The Tempest is a painting by Giorgione, dated around 1506-1508, belonging to the Venetian School. Considered to be the earliest example of landscape painting in western art, the painting showcases Giorgione’s unique poetic approach to Renaissance painting. It features a woman holding a baby to her breast in the foreground, with a storm about to break in the distance, along with a building and figures.
The painting’s meaning remains uncertain, the scene’s significance has puzzled art historians since the 16th century. Nevertheless, Giorgione’s use of color is key, conveying the serene yet suspenseful atmosphere. The Tempest played a crucial role in boosting the status of landscape painting in early sixteenth-century Italy and northern Europe. The painting is now displayed at Gallerie dell’Accademia in Venice.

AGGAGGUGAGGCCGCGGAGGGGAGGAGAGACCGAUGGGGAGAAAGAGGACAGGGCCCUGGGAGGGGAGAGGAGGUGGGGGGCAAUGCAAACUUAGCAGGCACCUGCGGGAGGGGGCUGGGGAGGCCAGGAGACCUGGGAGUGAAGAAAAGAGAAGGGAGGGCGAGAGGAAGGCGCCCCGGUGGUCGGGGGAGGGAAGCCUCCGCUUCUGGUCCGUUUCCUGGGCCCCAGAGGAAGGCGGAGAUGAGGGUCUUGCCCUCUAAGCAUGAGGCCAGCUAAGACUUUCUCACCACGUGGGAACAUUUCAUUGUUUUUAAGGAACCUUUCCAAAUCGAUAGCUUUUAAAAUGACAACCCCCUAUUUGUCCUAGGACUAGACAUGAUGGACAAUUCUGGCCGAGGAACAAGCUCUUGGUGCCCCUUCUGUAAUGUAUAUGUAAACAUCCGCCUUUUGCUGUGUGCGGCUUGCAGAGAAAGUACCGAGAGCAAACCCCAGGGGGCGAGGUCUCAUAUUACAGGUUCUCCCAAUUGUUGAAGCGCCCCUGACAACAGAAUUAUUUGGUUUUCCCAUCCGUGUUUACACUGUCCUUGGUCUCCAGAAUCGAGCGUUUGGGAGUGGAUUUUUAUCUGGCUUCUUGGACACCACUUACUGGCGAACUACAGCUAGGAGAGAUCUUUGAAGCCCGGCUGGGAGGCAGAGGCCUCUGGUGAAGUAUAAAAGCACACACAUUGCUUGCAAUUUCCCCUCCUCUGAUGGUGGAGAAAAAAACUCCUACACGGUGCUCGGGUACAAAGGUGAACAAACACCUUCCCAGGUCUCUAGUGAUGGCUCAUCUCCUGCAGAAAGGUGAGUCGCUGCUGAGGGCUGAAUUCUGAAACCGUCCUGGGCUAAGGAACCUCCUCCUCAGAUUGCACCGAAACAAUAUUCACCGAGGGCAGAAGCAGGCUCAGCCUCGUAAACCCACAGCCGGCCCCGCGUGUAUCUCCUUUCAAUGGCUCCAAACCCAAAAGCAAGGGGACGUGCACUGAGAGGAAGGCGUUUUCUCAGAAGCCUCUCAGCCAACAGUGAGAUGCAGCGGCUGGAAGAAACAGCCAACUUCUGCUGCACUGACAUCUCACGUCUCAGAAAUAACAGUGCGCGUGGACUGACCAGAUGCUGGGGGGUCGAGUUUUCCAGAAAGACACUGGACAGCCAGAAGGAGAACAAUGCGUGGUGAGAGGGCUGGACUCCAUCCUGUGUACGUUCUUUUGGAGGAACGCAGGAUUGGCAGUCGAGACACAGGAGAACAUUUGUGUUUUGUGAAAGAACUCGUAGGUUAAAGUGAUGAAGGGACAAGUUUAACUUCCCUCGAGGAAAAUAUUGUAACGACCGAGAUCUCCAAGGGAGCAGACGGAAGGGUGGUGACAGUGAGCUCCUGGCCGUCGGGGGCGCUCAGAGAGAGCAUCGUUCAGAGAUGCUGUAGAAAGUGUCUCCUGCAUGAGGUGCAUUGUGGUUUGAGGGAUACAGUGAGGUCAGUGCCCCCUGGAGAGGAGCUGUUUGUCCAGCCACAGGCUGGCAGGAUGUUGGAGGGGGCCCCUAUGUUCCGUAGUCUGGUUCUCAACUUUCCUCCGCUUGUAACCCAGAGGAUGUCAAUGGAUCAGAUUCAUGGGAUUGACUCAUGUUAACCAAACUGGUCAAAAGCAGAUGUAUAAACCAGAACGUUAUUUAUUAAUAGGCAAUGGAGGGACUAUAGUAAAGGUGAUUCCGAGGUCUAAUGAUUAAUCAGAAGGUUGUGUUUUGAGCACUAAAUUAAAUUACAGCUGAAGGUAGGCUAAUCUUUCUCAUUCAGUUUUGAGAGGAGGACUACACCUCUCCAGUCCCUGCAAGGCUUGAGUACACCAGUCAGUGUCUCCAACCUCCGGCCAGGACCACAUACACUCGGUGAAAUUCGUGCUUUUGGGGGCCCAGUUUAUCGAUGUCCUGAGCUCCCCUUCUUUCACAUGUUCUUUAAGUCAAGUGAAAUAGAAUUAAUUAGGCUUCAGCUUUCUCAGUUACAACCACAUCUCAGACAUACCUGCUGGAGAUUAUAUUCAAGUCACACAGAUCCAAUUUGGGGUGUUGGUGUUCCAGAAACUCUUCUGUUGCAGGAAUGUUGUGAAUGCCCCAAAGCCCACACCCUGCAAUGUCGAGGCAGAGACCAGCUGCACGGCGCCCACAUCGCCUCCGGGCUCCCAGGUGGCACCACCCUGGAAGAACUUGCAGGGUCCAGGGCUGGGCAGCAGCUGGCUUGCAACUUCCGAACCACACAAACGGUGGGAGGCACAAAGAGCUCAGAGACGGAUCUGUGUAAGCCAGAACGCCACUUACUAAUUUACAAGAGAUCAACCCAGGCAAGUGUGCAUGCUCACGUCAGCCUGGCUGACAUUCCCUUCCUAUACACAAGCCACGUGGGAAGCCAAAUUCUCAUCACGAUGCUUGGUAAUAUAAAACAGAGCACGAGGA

Giorgione’s works signaled a significant shift in the leading painters of Venice, setting the stage for the great Venetian masters of the 16th century. The Tempest is an excellent example of his style, characterized by the use of vivid colors and landscapes, and showcasing the evolution of Renaissance painting.